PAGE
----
Cycling northeast: Boels Bro Through open landscapes past Vollsmose, manors and working class decay towards this trip's unknown highlight: Boels Bro
This tour takes you out into the open countryside and blooming rapeseed fields and is perfect for a day with lots of sun, but without too much wind. You can download the route here.
You cycle out of town along Skt. Jørgensvej. Here it is worth noting the most incoherent link between the city center and a suburb of Odense's otherwise rather incoherent roads out of town. Past the old townhouse idyll with hollyhocks and newly planted rainbeds, past ... Yes, past what? On the left, a terrible newly built two-story apartment building, a funeral stone business, over the railway, the sad big-box store area by Biltema and Bauhaus. On the right Vandcenter Syd, the firefighters' playground, a parking lot and a gas station. Over the multi arrowed crosslight on one of the oversized roads that surround Vollsmose, through a suburban landscape, over the River Odens, and with a little maneuver through the street junction in Åsum along Ryttervejen / Rågelundvej to the east.
Past the Åsum church, some of Odense's finest older timber frame houses, up the steep hill and past the former Åsum Assembly House, which is now - quite obviously - taken over by the Harbours Gourmet (Havnens Gourmet). You have now started on what is many kilometers of meditative pedaling without the great external forces.
So, had it not been for the season that spoils you with sweet bouquets of scent from the hundreds of rapeseed fields that - right now - are in full bloom, a natural intermezzo by the River Vejrup, where the road goes steeply up and down, hides the fantastic dilapidated canning factory, located on Mejerivej, well hidden by the trees that are taking over the area. It is reportedly still in use (?) and resembles a mix between Danish welfare construction from the 70s, the hidden - and now vanishing - post-war avant-garde architecture from St. Petersburg, which probably was a rebellion against Stalin, a farm and Danish industrial architecture from the beginning of the 20th century. Yes, you should see it for yourself.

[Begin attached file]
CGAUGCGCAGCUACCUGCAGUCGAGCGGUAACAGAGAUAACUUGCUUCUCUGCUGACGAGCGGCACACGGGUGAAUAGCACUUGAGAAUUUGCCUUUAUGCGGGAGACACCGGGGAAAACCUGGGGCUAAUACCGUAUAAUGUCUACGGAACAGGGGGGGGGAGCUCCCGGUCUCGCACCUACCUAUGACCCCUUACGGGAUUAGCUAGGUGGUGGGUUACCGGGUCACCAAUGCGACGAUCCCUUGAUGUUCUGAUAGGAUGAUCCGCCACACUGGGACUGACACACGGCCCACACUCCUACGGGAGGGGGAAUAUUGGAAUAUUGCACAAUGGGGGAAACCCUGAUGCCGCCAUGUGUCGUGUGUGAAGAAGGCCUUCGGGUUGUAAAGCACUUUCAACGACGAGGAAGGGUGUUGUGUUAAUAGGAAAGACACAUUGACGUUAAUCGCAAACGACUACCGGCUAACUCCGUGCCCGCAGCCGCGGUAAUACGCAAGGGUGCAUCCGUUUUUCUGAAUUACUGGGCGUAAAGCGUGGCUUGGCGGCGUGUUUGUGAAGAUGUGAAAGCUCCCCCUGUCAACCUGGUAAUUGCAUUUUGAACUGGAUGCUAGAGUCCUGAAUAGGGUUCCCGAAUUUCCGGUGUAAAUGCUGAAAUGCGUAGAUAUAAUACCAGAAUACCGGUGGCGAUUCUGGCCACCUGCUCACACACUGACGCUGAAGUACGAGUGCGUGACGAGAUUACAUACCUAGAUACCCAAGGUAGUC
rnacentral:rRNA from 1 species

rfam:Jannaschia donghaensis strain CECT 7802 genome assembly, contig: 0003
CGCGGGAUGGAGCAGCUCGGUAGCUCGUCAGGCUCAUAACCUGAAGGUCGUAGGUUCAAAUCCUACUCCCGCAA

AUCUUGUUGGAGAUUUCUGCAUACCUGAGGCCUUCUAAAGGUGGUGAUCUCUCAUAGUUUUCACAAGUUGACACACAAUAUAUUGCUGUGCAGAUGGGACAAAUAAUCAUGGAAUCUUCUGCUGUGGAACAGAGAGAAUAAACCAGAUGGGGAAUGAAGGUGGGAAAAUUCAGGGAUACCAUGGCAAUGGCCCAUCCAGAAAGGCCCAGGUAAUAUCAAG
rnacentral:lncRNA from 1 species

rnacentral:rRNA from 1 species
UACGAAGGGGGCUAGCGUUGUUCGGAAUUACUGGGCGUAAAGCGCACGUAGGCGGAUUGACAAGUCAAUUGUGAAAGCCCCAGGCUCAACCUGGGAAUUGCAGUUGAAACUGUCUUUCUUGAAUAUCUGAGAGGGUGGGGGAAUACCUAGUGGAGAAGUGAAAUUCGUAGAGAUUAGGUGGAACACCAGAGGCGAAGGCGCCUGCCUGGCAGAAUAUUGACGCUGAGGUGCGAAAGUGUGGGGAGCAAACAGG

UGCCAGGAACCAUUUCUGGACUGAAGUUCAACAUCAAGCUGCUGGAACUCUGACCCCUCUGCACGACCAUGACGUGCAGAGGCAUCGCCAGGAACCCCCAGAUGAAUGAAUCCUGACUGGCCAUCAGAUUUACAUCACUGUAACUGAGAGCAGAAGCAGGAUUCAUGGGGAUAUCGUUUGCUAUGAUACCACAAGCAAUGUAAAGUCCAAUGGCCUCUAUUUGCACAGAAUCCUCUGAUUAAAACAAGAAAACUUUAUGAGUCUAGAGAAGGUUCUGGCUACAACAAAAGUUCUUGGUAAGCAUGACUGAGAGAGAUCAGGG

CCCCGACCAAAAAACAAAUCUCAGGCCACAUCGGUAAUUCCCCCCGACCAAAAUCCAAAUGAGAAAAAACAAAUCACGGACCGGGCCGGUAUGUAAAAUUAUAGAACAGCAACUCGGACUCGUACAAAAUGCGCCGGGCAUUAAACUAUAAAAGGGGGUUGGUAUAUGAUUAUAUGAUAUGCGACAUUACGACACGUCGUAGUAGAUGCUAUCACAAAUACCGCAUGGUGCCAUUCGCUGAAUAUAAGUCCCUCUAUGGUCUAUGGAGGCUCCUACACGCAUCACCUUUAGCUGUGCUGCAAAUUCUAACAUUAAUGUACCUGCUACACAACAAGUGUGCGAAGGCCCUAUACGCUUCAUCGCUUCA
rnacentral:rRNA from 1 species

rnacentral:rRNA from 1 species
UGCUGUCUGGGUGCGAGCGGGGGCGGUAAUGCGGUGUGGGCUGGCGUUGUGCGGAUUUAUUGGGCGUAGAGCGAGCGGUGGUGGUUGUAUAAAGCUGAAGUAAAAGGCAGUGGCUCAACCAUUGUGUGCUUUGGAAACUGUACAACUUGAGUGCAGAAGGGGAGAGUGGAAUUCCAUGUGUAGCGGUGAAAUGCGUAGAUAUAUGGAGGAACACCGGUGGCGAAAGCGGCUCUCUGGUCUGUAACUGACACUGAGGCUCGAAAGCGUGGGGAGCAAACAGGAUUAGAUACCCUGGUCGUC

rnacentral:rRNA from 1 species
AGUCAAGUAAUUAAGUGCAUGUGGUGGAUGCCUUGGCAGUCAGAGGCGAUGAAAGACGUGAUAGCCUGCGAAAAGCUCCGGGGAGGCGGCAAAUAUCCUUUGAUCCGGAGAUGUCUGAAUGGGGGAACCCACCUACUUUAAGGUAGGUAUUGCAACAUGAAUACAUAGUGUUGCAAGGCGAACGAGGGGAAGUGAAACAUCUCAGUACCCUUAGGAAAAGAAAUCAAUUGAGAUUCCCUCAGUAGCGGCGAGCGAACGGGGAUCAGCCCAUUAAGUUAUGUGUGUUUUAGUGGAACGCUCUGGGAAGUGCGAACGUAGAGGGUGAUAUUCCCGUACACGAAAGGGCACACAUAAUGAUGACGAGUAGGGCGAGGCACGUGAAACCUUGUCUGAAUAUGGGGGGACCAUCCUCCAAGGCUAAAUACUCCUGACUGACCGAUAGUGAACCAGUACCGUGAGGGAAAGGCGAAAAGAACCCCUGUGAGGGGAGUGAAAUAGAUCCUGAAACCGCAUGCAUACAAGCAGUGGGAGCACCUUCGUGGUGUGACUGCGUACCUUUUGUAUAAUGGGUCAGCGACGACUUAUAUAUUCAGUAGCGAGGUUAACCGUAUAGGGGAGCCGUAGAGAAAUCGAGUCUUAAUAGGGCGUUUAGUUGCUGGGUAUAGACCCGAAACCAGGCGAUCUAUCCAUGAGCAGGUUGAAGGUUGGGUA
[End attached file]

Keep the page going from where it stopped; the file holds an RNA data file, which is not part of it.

Follow the Mejerivej past a - at this time especially - beautiful willow forest on your left. Turn left on Kertemindevej onto the cycle path. Then you can choose two things: you can continue straight on Odensevej if you would like to see Ulriksholmbakken. First turn left onto Hundslevgyden and follow it until you reach Ulriksholmvej, where the hill starts on the left under the crowns of ancient chestnut trees and up past Ulriksholm Estate, once owned by Christians IV's illegitimate son. Granted - this is perhaps the most beautiful road, but we instead have to turn left on Ørnefeldtvej. Here you also find a chestnut alley, Ørnfeldt Estate, and then you pass Geels Kro, where there is a memorial to the opponent, Gunnar Carlo Nielsen, of the Walther group, who was killed by the Gestapo here in a fight in 1944. The rest of the group was deported to concentration camps.
Turn left at the end of Ulriksholmvej, continue on Kølstrupvej with a bit of beech forest on your right and fields on your left. Close to the imposing manor, Østergård, which also allegedly once belonged to the same illegitimate son and now the Liberal Fischer-Boel family.
Turn right onto Kølstrupvej, which leads you past Munkebo's newly built neighborhood overlooking the inlet. Through the roundabouts, up the hill, under Kertemindelandevejen, and you’re in Munkebo. An inlet village divided between fishermen and farmers, home to the painter, Lars Rastrup. A town that then became a shipyard worker village and that is now ... on its way to a new place. - "Monkæbothæ", of the word monk and "bo" - building for temporary residence. A city that has always been on its way to something new and which can brag about some of Denmark's finest Viking treasures. A composite place, one must say.
You must cycle straight through Bycentervej - the name smells like a reality created when the Lindø shipyard boomed, the ultimate dream was a redstone house and the Asian and Eastern European shipyards were not yet competitive. Past Munkebo's famous skating rink, to the right of Lindøallé, through the roundabout. Now you are in the middle of Munkebo's industrial center. Where the plane trees still stand tall and well-trimmed and have a height that corresponds to the age of the shipyard's heydays, but where retail areas in the center always seem empty. Turn left in the small roundabout and up Rosendalen.
Continue up the Rosendalen, where a steep hill takes hold - in fact, it is Munkebo Hill you are on, which you can visit by turning right on Loddenhøjen Allé, but you don’t have to. If you continue straight, you’ll reach Boels Bro, one of Fyn's steepest hills that descend towards Odense Fjord, and where you have a fantastic view of the fjord and all the way to the lighthouse on Enebærodde.
You must go down the hill and meet the fjord, look towards the Lindø, and then look up again - approx. 500 meters with an average rise rate of 8%. When your legs hurt, you can maybe think about what it's like to work in the engine room of one of the many container ships that have past behind you.
You have to cycle back through Munkebo, towards the oversized avenue that leads the morning workers down to the Lindø yard and back towards Odense to Kertemindelandevejen. A noisy stretch of road with a poor bike path, but it doesn't matter too much - you're on your way home.
36 km. An altitude of 190 meters. Through open countryside, past mansions to a killer hill with a view.Link to the event
Odense er et had-kærlighedsforhold. Det er byen som betyder meget for mig, men som jeg kun kan bo i hvis jeg lægger mine kræfter i at forandre den. Jeg føler et ansvar for hver halvfyldte koncert o...